Kinahan ‘gang boss’ is arrested in England
His son also held by gardaí and NCA in joint operation
A MAJOR figure in the Kinahan organised crime gang was arrested in England yesterday in a joint operation between gardaí and the UK’s National Crime Agency.
The 51-year-old – who is regarded by the Criminal Assets Bureau as having a ‘direct role in directing’ the Kinahan cartel, and who gardaí consider to be the Number Two leader – was arrested as he flew into Birmingham Airport yesterday morning.
The man’s son was also taken into custody. The two were detained as part of a joint operation into the supply of drugs and firearms in Ireland and the UK.
Detectives from the Garda National Drugs and Organised Crime Bureau, which has been targeting the Kinahan gang, have been working closely with the National Crime Agency (NCA) in England. A number of gardaí are currently in the UK and were part of the search team that raided the senior gangster’s home.
The National Crime Agency said the older man was arrested on suspicion of conspiring to import and supply drugs, firearms and ammunition, as well as money laundering offences. His son was arrested on suspicion of money laundering offences.
An NCA spokesperson said: ‘NCA officers, supported by colleagues from Staffordshire Police, are also searching a property in the Tamworth area and a business premises in Birmingham.
‘The arrest and searches are part of an investigation into the activities of an organised crime network alleged to be involved in the supply of drugs and firearms.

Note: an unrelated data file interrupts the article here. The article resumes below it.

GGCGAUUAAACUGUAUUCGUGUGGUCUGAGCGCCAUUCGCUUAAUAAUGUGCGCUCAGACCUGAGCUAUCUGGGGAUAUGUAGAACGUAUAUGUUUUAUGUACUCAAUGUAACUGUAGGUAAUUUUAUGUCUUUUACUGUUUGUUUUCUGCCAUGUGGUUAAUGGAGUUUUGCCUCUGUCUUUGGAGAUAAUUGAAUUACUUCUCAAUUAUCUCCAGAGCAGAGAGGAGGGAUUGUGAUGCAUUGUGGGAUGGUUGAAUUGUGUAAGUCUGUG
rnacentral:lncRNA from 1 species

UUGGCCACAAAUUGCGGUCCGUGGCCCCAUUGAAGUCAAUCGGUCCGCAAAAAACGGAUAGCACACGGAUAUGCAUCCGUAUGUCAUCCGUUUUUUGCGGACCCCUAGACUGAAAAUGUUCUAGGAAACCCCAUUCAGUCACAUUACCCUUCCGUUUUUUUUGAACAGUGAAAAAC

‘The investigation is being supported in Ireland by An Garda Síochána and other international partners.’ The MoS understands the men were questioned at a police station in Staffordshire, central England, before being released on station bail last night.
Last night, assistant commissioner John O’Driscoll, who is in charge of special crime operations, said gardaí have started the year in a manner it wants to continue. He added that the National Crime Agency is one of An Garda Síochána’s ‘most important allies’.
‘For the purpose of tackling organised crime groups, An Garda Síochána has commenced the new year in the manner in which it intends to proceed in 2019, by engaging in the most impactful possible co-operation with law enforcement authorities, at an international level,’ the senior garda said.
‘In this regard the UK National Crime Agency is one of our most important allies, with whom we share a common desire to put organised crime groups who operate within the common travel area out of business.
‘An Garda Síochána will not make any comment regarding any particular operation which is currently ongoing.’
The major gangland figure is seen by gardaí as being ‘one step above’ that of Liam Byrne, who is at the ‘very top tier’ of organised crime in Ireland. Byrne’s brother David was shot dead in the capital’s Regency Hotel in 2016.
The man was a previous target of CAB where a property and Suzuki four-wheel drive were seized.
He also has 16 previous convictions here, which include convictions for assault, threats to kill, possession of firearms, assaults on members of the gardaí and public order.
The man fled Ireland in 2008 as a direct result of CAB’s actions and is now based in Birmingham.
Raided the senior gangster’s home